Q: How do you ripen fruit?

First try to find SUMMERIPE® or I M RIPE® peaches, plums, and nectarines in your local produce department. This fruit is ripened before it is cooled and shipped so that when you take the fruit home, it is sweet, juicy and ready to eat.
If the fruit you purchase is not as ripe as you prefer, it's easy to ripen firm peaches, plums or nectarines. Just place the fruit in a paper bag, fold the top over loosely, and keep it at room temperature for 1-3 days. Check the fruit daily. Tip: never use a plastic bag; it may cause decay and can produce off-flavors.
Once fruit is soft, or ripe, it can be stored in the refrigerator for a week or more. Tip: never place firm, or unripe, fruit in the refrigerator as it may inhibit the ripening process and can cause the fruit to become dry, mealy and flavorless. 
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Q: When is a peach plum or nectarines ready to eat?

When buying peaches and nectarines, look for deep yellow background color. The amount of red color varies by variety and is not an indication of ripeness or quality.
When buying plums, look for a slight “give” when squeezed and a fragrant plum aroma. Plums come in a large range of colors that vary by variety so little “give” and a good smell are better indicators of ripeness than color alone.
Since everybody’s taste is different, once you have purchased your fruit, you can ripen to your taste as described above.
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Q: What does a good peach, plum, or nectarine taste like?

A good piece of fruit tastes different to different people. Gordon Wiebe, co-owner of Wiebe Farms likes his peaches and nectarines firm, just before they get soft. Karen, his wife, likes her peaches and nectarines sweet and juicy. Ryan Sawatzky, our packing shed manager, likes his peaches and nectarines hard and crunchy. Richard Sawatzky, co-owner of Wiebe Farms his plums to be very sweet. What we all agree on is that we do not like our fruit to be green, bland, dry, or mealy.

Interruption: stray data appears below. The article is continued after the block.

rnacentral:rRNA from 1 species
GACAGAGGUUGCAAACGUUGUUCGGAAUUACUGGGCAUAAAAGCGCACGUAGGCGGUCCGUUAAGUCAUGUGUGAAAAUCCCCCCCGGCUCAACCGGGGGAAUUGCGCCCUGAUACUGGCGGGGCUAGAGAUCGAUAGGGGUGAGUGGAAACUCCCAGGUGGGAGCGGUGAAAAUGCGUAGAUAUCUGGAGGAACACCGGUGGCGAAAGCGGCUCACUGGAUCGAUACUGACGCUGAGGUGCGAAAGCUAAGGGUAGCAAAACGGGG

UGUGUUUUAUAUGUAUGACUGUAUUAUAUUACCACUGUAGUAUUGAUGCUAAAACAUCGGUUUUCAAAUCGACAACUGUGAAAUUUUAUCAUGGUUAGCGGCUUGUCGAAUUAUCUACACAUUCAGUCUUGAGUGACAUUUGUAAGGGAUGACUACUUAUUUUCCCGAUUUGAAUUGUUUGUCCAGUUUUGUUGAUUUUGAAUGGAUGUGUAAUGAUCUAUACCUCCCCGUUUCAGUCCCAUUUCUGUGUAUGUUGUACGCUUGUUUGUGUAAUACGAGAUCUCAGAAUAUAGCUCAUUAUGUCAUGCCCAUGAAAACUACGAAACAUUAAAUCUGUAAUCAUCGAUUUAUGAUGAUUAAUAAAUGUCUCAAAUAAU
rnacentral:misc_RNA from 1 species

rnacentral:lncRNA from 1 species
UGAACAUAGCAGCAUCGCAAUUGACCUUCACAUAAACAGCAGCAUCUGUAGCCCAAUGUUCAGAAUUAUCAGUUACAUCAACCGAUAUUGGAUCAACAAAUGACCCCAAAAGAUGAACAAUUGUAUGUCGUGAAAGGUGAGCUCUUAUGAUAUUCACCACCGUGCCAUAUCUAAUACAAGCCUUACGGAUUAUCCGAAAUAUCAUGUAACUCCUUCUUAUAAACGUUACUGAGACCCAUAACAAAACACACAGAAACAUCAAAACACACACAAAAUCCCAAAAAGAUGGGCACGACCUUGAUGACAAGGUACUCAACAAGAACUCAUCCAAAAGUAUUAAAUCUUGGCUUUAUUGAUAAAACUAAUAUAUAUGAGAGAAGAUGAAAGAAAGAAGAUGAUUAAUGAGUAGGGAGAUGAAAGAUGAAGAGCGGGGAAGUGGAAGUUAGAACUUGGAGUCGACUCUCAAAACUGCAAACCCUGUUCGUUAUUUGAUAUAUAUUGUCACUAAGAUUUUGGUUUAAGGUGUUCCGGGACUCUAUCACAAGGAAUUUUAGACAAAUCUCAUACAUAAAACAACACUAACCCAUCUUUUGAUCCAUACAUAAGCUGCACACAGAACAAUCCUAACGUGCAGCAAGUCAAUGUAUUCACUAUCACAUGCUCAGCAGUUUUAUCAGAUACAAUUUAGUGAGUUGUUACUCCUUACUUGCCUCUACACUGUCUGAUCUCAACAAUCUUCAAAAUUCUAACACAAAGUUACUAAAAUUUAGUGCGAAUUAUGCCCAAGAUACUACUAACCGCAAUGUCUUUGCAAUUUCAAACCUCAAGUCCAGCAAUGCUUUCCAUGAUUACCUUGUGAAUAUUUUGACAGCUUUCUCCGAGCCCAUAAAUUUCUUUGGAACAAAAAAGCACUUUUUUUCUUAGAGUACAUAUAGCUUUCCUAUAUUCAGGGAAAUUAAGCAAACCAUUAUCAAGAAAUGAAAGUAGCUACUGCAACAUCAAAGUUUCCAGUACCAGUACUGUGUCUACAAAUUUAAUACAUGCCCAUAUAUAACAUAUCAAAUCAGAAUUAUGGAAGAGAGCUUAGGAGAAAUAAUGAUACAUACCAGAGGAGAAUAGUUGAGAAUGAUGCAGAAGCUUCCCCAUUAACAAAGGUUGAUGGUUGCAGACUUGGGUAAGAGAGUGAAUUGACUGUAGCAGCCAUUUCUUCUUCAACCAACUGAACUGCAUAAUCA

Q: What causes fruit to be green, bland, dry, or mealy?

Green fruit is fruit that is picked before it is ready. This is generally caused by growers that are greedy and can’t wait until the fruit is ready is ready to be picked. If you put this fruit in a bag to ripen, it will shrivel. If the peach, plum, or nectarine you are about to buy has a green background color, don’t buy it. Bland, dry, and mealy fruit is generally caused by improper storage after it leaves the packing shed. Fruit that is stored before it is fully ripened between 36° and 50° will become bland and turn dry and mealy. This temperature range is called the “kill zone”. More Info

Q: How do you know when to pick a peach plum or nectarine?

Over the years just about everything has changed in our farming operation, but one thing has not changed since Eve picked that piece of fruit in the Garden of Eden many years ago. The Bible says she picked the fruit that was “a delight to her eye”. Today, we pick the fruit when it is a “delight to our eyes”. We pick the fruit that looks ready and then we cut it and taste it to see if it is ready. Once we know what we are “looking” for, we show our pickers fruit that is ready to pick and fruit that is too green to pick so that they know what they are “looking” for. If a picker starts picking fruit that is green, our crew bosses “show” the picker what the fruit should “look” like and the picker then “looks” for riper fruit and leaves the greener fruit for a later picking.

Q: How many times is a tree picked?

We pick our trees 1 to 6 times with 1 to 7 days between picking. There are many variables that go into deciding when and how many times to pick. Age and strength of tree, previous weather, today’s weather, and tomorrow’s weather, condition of fruit, how other fruit is ripening, color, taste, firmness, day of the week (we do not harvest on Sunday), crew availability, work load, and is the fruit ready to be picked. Generally the later we get into the season, the more times we will pick a variety and the longer the time will be between picks.

Q: How many years does a tree produce fruit?

Our fruit trees will produce their first small crop during their third year. They will produce good crops for another 12- 15 years. Then we will remove the trees and plant new ones and wait 3 years for those to produce.


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